Have you ever engaged in a heated quarrel with someone who seemed to disagree with every example you put forward and disavowed all the anecdotal evidence you presented? In turn, did you also find her clever examples and evidence appear inaccurate? Did you become so frustrated with each other that you reached an impasse and called a time out?
Did you then decide to set aside your precious preconceived notions about the topic and decide to listen with “new ears”? Then she restated her argument in more or less the same terms, but then the light bulb of understanding turned on in your head. Suddenly you realized that both of you were on the same page, all along. She and you only had vastly different ways of expressing yourselves.
This is one example of the way people talk past one another each day. We hold similar values but we have cognitive differences (not dissonance) that are uniquely our own. We understand the solutions to problems or ways to complete a project in ways that make us seem maladjusted to accepted societal norms. Vive La Différence!
This week we celebrate one of my all-time favorite commemorative weeks–Creative Maladjustment Week. It was directly inspired by Dr. Martin Luther King, Junior’s idea for creative ways to encounter our unjust society. The activist’s aim was to come up with new ways in which we can deal with injustice, oppression, and hatred in new ways. King also thought of creative maladjustment as how we see the same things in different ways than others. You might say we each operate from different paradigms.
If you might be the “black sheep” in your family because you don’t quite fit in with your family’s traditional culture, you’re probably creatively maladjusted. You positively live your life in ways that your family or society have never considered.
One of the most amazing creatively maladjusted persons I’ve ever heard of is Masahiro Kikuno. He’s a mid-30s master watchmaker who meticulously creates unique, complex wristwatches according to his own rigorously traditional ways. His inspirations are the master artisans who built traditional Japanese clocks in the 1800s.
Kikuno took courses at the Hiko Mizuno School of Watchmaking that specializes in mechanical watch repair. While excelling in the courses, he also taught himself creative watchmaking on his own initiative. He came to prominence in the global, exclusive watchmakers community with his adaptation of the very complex “Myriad Year Clock” that was built in the 1800s by master craftsman Hisashige Tanaka. Kikuno’s unique, intricate timepiece debuted in 2011 at the prestigious watch conference, “BaselWorld” in Switzerland.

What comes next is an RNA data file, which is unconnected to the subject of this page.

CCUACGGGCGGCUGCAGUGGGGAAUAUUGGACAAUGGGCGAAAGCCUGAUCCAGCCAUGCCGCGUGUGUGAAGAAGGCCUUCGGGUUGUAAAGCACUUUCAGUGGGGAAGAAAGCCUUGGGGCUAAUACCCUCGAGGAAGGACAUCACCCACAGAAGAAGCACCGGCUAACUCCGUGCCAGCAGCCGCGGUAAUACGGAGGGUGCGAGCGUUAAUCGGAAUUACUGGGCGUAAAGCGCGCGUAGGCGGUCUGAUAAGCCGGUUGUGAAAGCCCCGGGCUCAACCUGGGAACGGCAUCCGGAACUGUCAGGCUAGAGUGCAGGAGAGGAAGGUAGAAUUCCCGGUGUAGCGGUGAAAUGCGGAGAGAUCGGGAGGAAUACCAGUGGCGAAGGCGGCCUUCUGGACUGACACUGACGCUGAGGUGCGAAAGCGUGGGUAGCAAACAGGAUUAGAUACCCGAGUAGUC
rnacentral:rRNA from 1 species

Except for the watch crystals, jewels, hairsprings, and mainsprings, Kikuno fabricates all of the components of his watches himself in his small workshop and a garage. If you are interested in Kikuno’s work, there are examples on the Web and YouTube. I highly recommend that you investigate his accomplishments.
Of course Masahiro Kikuno is an extreme case of creative maladjustment. We don’t need to be a world acclaimed cultural icon in order to happily practice the personal art of creative maladjustment.
Is there something in the world that inspires your particular style of creativity? Is there some sort of project that calls for a new way of living? Is there something incubating in your mind that requires creative solutions to old questions and problems? Do you understand the world from different perspectives than everyone else?
Whatever the subject matter, be it watchmaking, cooking, writing, painting, photography, social activism, medicine, or something else that is close to your heart, this is the week to actively engage your version of creative maladjustment.
The Blue Jay of Happiness likes this statement by Dr. Martin Luther King, Junior: “.I must honestly say to you, as I’ve said before, there are some things in our nation and in our world of which I’m proud to be maladjusted, which I call upon all men of goodwill to be maladjusted until the good societies realize. I must honestly say to you that I never intend to become adjusted to segregation and discrimination. I never intend to adjust myself to religious bigotry.”